Violence Against Women and Girls in Nigeria: Crime or Culture? Can we really Orange the Country?

Violence Against Women and Girls Crime or Culture Can we really Orange the Country
orange the world

The Nigerian society has been described as patriarchal in nature with attendant unequal gender relations which casts women in a subordinate role to men. In many cultures, once the bride price is paid, a woman is seen as her husband’s property with a shared cultural and religious belief that the woman should totally submit, be obedient and deferent towards to her husband. This purportedly puts women in the same space as minors and possessions – the unmarried woman is seen as her father’s property (or of the oldest male) while the married woman is her husband’s property – which has inadvertently fuelled a culture of violence against women and girls (VAWG) rooted in centuries of male domination, gender inequalities and power imbalances.[1]¢[2]

As defined by the Declaration on the Elimination of Violence Against Women (un.org) issued by the UN General Assembly in 1993, violence against women is “any act of gender-based violence that results in, or is likely to result in, physical, sexual or psychological harm or suffering to women, including threats of such acts, coercion or arbitrary deprivation of liberty, whether occurring in public or in private life.” VAWG is one of the most widespread, persistent, and devastating violations of human rights in the world today manifesting in physical, sexual, and psychological forms, including: intimate partner violence (battering, psychological abuse, marital rape, femicide); sexual violence and harassment (rape, forced sexual acts, unwanted sexual advances, child sexual abuse, forced marriage, street harassment, stalking, cyber- harassment); human trafficking (slavery, sexual exploitation); female genital mutilation; and child marriage. It is as serious as cancer in the cause of morbidity and mortality among women of reproductive age, and a greater cause of ill health than traffic accidents and malaria combined. It remains an obstacle to achieving equality, development, and the fulfilment of women and girls’ human rights. Without putting an end to violence against women and girls, the promise of the Sustainable Development Goals (SDGs) – to leave no one behind – can remain fulfilled.[3]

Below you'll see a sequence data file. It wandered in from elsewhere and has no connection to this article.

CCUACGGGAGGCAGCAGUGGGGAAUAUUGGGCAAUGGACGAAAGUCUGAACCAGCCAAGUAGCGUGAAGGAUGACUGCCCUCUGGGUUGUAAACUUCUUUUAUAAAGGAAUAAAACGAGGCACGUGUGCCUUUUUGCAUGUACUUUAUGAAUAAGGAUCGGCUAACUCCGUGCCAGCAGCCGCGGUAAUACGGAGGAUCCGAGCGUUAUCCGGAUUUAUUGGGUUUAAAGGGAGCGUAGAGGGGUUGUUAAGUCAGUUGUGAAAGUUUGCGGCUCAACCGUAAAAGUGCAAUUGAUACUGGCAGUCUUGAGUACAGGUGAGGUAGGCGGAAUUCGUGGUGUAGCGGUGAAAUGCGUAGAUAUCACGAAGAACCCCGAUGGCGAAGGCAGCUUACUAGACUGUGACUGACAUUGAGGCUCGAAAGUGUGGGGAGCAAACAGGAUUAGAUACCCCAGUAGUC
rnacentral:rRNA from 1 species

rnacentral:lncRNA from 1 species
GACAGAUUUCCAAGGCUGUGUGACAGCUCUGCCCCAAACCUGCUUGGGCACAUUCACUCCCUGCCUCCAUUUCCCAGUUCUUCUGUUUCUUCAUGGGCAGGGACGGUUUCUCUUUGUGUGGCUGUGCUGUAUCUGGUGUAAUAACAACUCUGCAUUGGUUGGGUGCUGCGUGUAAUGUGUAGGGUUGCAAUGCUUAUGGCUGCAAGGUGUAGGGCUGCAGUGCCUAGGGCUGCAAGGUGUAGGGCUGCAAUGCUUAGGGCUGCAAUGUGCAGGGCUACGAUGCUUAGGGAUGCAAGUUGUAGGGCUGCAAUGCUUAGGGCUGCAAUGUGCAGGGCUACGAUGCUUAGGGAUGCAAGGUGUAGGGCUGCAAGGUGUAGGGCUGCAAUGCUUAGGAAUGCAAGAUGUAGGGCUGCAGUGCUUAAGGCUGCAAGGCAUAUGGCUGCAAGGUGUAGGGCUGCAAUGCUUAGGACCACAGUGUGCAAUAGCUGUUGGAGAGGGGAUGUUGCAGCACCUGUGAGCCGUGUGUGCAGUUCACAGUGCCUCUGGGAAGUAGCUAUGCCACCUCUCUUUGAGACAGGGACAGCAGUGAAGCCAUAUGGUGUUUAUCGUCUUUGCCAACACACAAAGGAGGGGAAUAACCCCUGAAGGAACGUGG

In Nigeria, VAWG is widespread with alarming figures as in other parts of Africa and shows no signs of lessening: 72% women have been sexually abused, 44% of girls are married before 18 years, 30% of women have experienced physical violence by age 15, and 25.3% of women have experienced female genital mutilation[4]¢[5]. Following the insurgency in the North-east, the rates grew even more alarming and further worsened during the lockdown phase of the COVID-19 pandemic with a 60% increase in domestic violence, 30% rise in sexual violence, and 10% increase in physical child abuse reported between first and second quarter of 2020.[6] One such case of domestic violence was reported in April 2020, during the COVID-19 lockdown in Yobe state where Mr Abacha, a 22-year-old man was arrested by the police for hacking his wife’s (Halima Bulama, also 22 years old) right hand off with a machete[7]. Her offence – disobeying his order not to attend the marriage ceremony of her relative in her parent’s home. Investigations revealed that the victim had sought permission from her husband to attend the event, and when he refused, she had gone ahead to attend the event after her husband had gone out[8]. This gruesome act provoked outrage nationwide, sparking a renewed sense of urgency to end violence against women and girls. As part of global efforts to prevent and end violence against women, the UN Secretary-General in 2008, launched the UNiTE to End Violence against Women campaign, a multi-year effort aimed at preventing and eliminating violence against women and girls around the world, commemorated with 16 Days of Activism campaign running from 25 November (International Day for the Elimination of Violence Against Women) until 10 December under the theme: “Orange the World”, symbolizing a brighter future – a globe free of violence. The UNiTE campaign for 2020 commencing today, the International Day for the Elimination of Violence Against Women takes place under the global theme: “Orange the World: Fund, Respond, Prevent, Collect!” andcalls for urgent actions to Fund, Respond, Prevent and Collect data to address violence against women and girls in the context of COVID-19. The campaign calls for global actions to increase awareness, galvanize advocacy efforts, and share knowledge and innovations.